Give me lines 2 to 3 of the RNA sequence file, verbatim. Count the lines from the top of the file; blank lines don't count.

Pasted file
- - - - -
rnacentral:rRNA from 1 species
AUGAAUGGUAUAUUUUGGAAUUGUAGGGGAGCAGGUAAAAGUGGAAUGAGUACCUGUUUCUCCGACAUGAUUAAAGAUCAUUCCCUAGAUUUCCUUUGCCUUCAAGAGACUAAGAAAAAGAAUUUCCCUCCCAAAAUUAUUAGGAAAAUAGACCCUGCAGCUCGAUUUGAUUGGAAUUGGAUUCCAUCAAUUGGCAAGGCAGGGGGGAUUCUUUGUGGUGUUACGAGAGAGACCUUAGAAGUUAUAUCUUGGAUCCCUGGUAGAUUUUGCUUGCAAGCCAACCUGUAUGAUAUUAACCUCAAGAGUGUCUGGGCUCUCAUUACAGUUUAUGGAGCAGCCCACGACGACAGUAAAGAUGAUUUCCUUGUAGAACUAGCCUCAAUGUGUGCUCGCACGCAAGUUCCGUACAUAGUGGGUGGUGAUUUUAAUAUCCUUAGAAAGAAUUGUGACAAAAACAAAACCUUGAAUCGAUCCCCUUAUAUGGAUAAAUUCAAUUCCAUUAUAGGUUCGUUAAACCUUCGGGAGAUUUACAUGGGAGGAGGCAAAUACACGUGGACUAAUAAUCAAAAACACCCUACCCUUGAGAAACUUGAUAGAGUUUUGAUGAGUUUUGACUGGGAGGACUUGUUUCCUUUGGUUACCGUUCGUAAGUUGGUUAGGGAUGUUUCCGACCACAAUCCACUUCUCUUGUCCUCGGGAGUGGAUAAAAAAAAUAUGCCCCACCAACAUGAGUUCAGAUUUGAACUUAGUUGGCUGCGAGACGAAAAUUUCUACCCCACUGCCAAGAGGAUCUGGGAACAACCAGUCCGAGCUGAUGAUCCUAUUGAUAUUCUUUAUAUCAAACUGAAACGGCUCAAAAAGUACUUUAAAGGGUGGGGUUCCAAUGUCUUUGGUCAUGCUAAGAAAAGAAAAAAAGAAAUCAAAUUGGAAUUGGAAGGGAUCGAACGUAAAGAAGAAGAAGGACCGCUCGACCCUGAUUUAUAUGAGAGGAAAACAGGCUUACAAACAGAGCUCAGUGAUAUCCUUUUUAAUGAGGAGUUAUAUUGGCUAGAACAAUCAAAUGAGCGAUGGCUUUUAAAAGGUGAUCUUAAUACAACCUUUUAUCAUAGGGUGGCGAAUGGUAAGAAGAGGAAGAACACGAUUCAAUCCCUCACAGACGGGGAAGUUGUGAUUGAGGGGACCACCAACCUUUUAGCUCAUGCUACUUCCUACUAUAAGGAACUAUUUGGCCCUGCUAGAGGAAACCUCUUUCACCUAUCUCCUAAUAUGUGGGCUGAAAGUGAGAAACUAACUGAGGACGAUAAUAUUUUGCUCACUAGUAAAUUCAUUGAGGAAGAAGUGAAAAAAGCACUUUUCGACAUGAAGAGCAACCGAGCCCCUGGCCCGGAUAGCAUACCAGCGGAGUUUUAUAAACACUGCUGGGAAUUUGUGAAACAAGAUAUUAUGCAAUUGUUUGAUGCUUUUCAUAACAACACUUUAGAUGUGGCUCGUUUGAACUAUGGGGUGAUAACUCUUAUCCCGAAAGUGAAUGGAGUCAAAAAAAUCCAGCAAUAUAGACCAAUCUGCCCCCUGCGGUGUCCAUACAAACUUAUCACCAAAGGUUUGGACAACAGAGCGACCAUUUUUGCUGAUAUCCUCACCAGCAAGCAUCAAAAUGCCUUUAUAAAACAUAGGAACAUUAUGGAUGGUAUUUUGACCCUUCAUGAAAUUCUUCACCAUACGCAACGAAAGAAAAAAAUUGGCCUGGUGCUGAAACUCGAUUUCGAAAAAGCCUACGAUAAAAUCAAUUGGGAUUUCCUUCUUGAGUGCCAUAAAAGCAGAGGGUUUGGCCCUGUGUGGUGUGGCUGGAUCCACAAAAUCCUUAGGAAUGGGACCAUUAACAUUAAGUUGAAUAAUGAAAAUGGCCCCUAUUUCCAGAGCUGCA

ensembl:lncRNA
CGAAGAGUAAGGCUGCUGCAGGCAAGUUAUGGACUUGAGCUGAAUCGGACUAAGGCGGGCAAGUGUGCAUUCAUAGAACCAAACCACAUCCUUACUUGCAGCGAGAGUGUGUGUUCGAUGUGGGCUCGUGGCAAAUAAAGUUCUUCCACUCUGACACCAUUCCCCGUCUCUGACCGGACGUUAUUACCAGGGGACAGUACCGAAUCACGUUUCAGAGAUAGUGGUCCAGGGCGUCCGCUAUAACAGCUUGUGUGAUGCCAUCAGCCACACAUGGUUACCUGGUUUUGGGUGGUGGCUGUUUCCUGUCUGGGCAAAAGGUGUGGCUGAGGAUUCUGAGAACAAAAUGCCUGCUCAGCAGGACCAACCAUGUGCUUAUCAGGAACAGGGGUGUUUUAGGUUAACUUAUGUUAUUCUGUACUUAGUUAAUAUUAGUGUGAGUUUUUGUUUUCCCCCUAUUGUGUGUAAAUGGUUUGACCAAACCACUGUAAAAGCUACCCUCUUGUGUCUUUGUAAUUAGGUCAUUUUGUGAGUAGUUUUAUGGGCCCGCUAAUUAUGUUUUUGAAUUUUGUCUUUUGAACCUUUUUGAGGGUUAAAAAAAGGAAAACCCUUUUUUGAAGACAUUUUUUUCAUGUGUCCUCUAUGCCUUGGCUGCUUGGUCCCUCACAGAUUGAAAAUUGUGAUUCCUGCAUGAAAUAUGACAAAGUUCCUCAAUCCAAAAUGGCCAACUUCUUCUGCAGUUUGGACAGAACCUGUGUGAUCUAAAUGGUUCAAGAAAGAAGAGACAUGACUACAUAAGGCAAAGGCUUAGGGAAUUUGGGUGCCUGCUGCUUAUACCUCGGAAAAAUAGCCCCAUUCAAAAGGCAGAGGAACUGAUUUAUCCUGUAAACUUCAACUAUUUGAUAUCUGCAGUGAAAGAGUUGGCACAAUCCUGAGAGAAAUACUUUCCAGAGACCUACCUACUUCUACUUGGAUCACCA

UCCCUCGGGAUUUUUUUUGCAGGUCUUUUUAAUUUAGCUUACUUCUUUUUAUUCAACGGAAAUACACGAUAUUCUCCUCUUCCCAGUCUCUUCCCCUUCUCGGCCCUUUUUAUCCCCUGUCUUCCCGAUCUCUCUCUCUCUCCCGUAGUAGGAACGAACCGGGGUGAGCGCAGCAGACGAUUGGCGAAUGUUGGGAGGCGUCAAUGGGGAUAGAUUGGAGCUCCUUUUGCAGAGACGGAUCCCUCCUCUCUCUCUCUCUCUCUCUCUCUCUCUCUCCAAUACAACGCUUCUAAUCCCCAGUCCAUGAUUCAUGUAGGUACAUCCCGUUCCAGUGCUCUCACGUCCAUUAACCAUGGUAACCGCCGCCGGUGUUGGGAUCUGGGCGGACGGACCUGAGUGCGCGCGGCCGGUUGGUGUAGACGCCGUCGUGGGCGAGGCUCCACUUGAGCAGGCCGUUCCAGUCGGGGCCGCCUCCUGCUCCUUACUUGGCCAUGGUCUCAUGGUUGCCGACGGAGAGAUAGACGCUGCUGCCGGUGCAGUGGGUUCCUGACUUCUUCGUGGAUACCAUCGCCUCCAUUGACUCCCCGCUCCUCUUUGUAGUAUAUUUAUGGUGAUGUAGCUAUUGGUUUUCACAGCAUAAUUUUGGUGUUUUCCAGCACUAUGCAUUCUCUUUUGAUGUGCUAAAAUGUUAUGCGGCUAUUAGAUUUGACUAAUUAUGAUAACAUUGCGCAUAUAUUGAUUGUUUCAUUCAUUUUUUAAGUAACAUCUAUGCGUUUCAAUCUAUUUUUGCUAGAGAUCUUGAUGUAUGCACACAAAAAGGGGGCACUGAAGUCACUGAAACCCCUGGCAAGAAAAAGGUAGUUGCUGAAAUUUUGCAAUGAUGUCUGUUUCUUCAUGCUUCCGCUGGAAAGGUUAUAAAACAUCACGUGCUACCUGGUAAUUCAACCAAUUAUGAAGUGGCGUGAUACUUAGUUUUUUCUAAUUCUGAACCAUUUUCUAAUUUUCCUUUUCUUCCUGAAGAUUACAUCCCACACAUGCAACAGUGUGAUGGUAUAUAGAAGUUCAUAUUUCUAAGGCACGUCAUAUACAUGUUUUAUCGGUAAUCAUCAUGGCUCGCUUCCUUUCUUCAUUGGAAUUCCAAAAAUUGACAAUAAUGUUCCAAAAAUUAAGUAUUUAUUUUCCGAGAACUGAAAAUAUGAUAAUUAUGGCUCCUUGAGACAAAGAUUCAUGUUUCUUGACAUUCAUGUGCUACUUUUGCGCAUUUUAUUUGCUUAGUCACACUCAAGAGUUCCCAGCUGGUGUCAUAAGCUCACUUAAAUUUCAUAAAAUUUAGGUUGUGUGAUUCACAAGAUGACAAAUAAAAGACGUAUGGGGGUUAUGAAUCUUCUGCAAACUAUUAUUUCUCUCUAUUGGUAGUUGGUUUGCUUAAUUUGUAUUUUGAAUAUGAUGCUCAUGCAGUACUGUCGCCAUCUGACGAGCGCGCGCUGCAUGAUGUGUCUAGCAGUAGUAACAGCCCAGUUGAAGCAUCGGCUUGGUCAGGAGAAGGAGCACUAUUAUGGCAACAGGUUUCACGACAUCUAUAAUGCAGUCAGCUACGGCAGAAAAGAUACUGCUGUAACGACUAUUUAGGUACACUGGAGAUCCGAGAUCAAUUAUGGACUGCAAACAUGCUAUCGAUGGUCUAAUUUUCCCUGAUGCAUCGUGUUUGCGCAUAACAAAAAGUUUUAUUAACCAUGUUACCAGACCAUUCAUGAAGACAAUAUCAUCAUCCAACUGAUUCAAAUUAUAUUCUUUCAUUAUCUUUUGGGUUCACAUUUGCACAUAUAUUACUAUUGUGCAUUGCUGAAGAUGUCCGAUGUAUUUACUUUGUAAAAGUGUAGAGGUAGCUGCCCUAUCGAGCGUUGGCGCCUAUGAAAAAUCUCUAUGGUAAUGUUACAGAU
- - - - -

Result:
AUGAAUGGUAUAUUUUGGAAUUGUAGGGGAGCAGGUAAAAGUGGAAUGAGUACCUGUUUCUCCGACAUGAUUAAAGAUCAUUCCCUAGAUUUCCUUUGCCUUCAAGAGACUAAGAAAAAGAAUUUCCCUCCCAAAAUUAUUAGGAAAAUAGACCCUGCAGCUCGAUUUGAUUGGAAUUGGAUUCCAUCAAUUGGCAAGGCAGGGGGGAUUCUUUGUGGUGUUACGAGAGAGACCUUAGAAGUUAUAUCUUGGAUCCCUGGUAGAUUUUGCUUGCAAGCCAACCUGUAUGAUAUUAACCUCAAGAGUGUCUGGGCUCUCAUUACAGUUUAUGGAGCAGCCCACGACGACAGUAAAGAUGAUUUCCUUGUAGAACUAGCCUCAAUGUGUGCUCGCACGCAAGUUCCGUACAUAGUGGGUGGUGAUUUUAAUAUCCUUAGAAAGAAUUGUGACAAAAACAAAACCUUGAAUCGAUCCCCUUAUAUGGAUAAAUUCAAUUCCAUUAUAGGUUCGUUAAACCUUCGGGAGAUUUACAUGGGAGGAGGCAAAUACACGUGGACUAAUAAUCAAAAACACCCUACCCUUGAGAAACUUGAUAGAGUUUUGAUGAGUUUUGACUGGGAGGACUUGUUUCCUUUGGUUACCGUUCGUAAGUUGGUUAGGGAUGUUUCCGACCACAAUCCACUUCUCUUGUCCUCGGGAGUGGAUAAAAAAAAUAUGCCCCACCAACAUGAGUUCAGAUUUGAACUUAGUUGGCUGCGAGACGAAAAUUUCUACCCCACUGCCAAGAGGAUCUGGGAACAACCAGUCCGAGCUGAUGAUCCUAUUGAUAUUCUUUAUAUCAAACUGAAACGGCUCAAAAAGUACUUUAAAGGGUGGGGUUCCAAUGUCUUUGGUCAUGCUAAGAAAAGAAAAAAAGAAAUCAAAUUGGAAUUGGAAGGGAUCGAACGUAAAGAAGAAGAAGGACCGCUCGACCCUGAUUUAUAUGAGAGGAAAACAGGCUUACAAACAGAGCUCAGUGAUAUCCUUUUUAAUGAGGAGUUAUAUUGGCUAGAACAAUCAAAUGAGCGAUGGCUUUUAAAAGGUGAUCUUAAUACAACCUUUUAUCAUAGGGUGGCGAAUGGUAAGAAGAGGAAGAACACGAUUCAAUCCCUCACAGACGGGGAAGUUGUGAUUGAGGGGACCACCAACCUUUUAGCUCAUGCUACUUCCUACUAUAAGGAACUAUUUGGCCCUGCUAGAGGAAACCUCUUUCACCUAUCUCCUAAUAUGUGGGCUGAAAGUGAGAAACUAACUGAGGACGAUAAUAUUUUGCUCACUAGUAAAUUCAUUGAGGAAGAAGUGAAAAAAGCACUUUUCGACAUGAAGAGCAACCGAGCCCCUGGCCCGGAUAGCAUACCAGCGGAGUUUUAUAAACACUGCUGGGAAUUUGUGAAACAAGAUAUUAUGCAAUUGUUUGAUGCUUUUCAUAACAACACUUUAGAUGUGGCUCGUUUGAACUAUGGGGUGAUAACUCUUAUCCCGAAAGUGAAUGGAGUCAAAAAAAUCCAGCAAUAUAGACCAAUCUGCCCCCUGCGGUGUCCAUACAAACUUAUCACCAAAGGUUUGGACAACAGAGCGACCAUUUUUGCUGAUAUCCUCACCAGCAAGCAUCAAAAUGCCUUUAUAAAACAUAGGAACAUUAUGGAUGGUAUUUUGACCCUUCAUGAAAUUCUUCACCAUACGCAACGAAAGAAAAAAAUUGGCCUGGUGCUGAAACUCGAUUUCGAAAAAGCCUACGAUAAAAUCAAUUGGGAUUUCCUUCUUGAGUGCCAUAAAAGCAGAGGGUUUGGCCCUGUGUGGUGUGGCUGGAUCCACAAAAUCCUUAGGAAUGGGACCAUUAACAUUAAGUUGAAUAAUGAAAAUGGCCCCUAUUUCCAGAGCUGCA

ensembl:lncRNA